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SBWG 0.10.11

It's been two months since I published a new version of SBWG (and therefore since I worked enough on it to make me feel that an increase in the version number may be justified). I hardly get around to working on it, lately. But when I do, I try to make some solid small steps towards the improvements I wish do be done to SBWG.

So, now there is a new version (0.10.11) but I haven't published it yet because before I do I want to test it a bit more when I'm not as fucking tired as I am right now. Writing this entry could actually be considered part of the testing that I still want to do. But as I said, I'm fucking tired right now. So I'll continue this entry another time.

Edit 2022-09-12: I did some tests with fake content offline and feel confident that I fixed more than I broke in this version. I'll add it to the project page soon.

Two long procrastinate areas that have been overdue to get fixed for a while now are permanent caching and parallelisation. For permanent caching, the bugs that I found are fixed. Aggressive caching with option `--cache` (`-C`) works and it certain groups can be selected (excluding others) for permanent caching. In my test this speeds up everyday web site re-generations by up to 100%. But it also means the user has to be aware of the cache files that persist after SBWG is done and will be used the next time. Changes to existing entries will not take effect without removing the relevant cache files. For parallelisation, the bugs that I found and that affect the generated HTML are fixed. I still consider parallel mode to be experimental. Sometimes messages on stdout are weird or cut off. But who used very verbose mode and looks at every message anyway? Parallelisation is functional and usable is what I mean to say. In my test on a Core i5 with 4 cores (8 threads) it speeds up everyday web site re-generation by around 380% with default settings. It depends a lot on how much of web site generation is generating thumbnails and other image sizes of file attachments or gallery images. Those aren't sped up that much because the CPU already is the bottleneck for those. HTML file generation profits more from having more parallel threads than CPU cores (or threads) running.

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Fred - Part 2 - The Case Lid And Cooling

This entry is a reply to or continuation of the entry 'Fred - Part 1 - Modding The Quiet Into A Server Rack Case'.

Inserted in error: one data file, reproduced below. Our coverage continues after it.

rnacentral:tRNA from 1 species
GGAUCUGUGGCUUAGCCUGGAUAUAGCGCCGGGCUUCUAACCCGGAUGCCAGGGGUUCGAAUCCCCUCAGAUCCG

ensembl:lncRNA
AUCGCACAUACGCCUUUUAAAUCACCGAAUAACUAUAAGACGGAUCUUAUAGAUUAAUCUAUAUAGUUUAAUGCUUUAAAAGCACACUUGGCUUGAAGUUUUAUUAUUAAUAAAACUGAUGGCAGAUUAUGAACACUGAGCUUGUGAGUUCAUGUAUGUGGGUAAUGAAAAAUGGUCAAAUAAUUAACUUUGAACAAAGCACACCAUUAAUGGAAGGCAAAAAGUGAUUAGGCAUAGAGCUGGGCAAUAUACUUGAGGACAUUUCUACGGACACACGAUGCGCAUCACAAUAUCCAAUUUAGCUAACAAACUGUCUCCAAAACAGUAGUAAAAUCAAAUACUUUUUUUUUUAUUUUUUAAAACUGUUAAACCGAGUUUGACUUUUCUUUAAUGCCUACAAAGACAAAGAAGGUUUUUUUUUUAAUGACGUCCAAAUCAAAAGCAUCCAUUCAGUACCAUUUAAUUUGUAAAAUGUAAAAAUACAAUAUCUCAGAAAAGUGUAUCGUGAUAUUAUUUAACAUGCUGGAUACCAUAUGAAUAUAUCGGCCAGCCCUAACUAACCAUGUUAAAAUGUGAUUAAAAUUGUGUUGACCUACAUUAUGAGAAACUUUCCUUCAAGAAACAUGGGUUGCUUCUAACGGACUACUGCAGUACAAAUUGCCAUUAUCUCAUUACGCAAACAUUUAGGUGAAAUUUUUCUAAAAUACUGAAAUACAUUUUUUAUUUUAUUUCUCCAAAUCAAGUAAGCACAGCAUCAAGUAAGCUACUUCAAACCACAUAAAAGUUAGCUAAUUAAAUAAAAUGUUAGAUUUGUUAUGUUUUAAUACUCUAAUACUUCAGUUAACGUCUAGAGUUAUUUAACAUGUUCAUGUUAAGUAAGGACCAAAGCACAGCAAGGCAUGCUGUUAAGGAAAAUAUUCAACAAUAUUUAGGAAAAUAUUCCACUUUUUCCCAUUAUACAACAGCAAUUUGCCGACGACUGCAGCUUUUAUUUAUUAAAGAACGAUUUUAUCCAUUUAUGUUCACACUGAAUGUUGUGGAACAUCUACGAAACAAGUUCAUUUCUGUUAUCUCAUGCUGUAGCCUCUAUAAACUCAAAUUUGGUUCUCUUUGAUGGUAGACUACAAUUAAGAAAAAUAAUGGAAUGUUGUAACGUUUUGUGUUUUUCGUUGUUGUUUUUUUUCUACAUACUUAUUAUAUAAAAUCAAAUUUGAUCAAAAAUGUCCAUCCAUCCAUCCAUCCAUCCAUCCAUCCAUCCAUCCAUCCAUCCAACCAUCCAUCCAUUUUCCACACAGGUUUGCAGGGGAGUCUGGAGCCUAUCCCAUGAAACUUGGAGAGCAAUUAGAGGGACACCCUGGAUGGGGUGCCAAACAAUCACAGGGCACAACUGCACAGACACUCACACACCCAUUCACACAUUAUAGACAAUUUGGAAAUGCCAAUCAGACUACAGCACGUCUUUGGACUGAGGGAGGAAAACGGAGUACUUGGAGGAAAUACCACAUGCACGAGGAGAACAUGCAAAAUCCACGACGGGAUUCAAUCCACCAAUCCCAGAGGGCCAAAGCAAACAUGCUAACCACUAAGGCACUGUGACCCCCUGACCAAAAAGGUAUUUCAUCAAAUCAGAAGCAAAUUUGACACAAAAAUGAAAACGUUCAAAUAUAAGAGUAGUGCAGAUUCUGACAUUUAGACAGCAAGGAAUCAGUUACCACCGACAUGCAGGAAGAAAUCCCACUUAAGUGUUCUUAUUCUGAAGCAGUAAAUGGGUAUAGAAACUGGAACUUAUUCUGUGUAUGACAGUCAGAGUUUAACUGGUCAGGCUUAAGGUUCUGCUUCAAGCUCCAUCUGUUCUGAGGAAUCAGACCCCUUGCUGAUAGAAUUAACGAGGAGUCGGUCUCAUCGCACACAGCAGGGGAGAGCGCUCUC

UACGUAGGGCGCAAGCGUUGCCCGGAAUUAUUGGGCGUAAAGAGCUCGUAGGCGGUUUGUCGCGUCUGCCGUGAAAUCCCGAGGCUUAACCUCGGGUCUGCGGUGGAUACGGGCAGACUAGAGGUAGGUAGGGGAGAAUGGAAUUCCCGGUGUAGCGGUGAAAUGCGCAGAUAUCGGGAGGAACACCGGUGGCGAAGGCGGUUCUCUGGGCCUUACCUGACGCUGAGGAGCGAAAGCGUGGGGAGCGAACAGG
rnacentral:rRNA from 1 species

In this entry I'll describe how Fred's components are air cooled.

So, after removing the fan wall and unplugging the two fans in the back of the case there was no active cooling left. That's good for reducing noise, but not enough cooling for the hard drives, the CPU and the SAS controller cards. Since the case is not mounted in a rack and nothing is placed on top of it, I decided to use the space in the case lid to place larger fans.

The CPU

My idea was to replace the CPU cooler with a larger one that just fits into the case and have a fan above it suck out its hot air (also pulling in ait from the RAM modules next to the CPU socket). I fount a heat sink from Scythe called Iori (SCIOR-1000). Mounted on the socket there would be just enough space for a 15 mm fan above it. As it turns out though, the heat sink is large enough to cool the CPU passively and the RAM doesn't need any additional cooling, too. So the fan above it is not even plugged in.

The Extension Cards

Since the HBA and the RAID card that I'm using are designed for servers with a proper airflow, they need at least some additional cooling. Their heat sinks are quite small for the amount of heat they produce. But there was enough room above them to place a fan that sucks the hot ait directly from the extension card area out of the case. I was told these cards usually don't have any problems getting extremely hot. But I rather don't want to have them do their things for hours or days streight without any active cooling. Replacing their heat sinks with larger ones would only be a sufficiant option if there was room for much much larger heat sinks.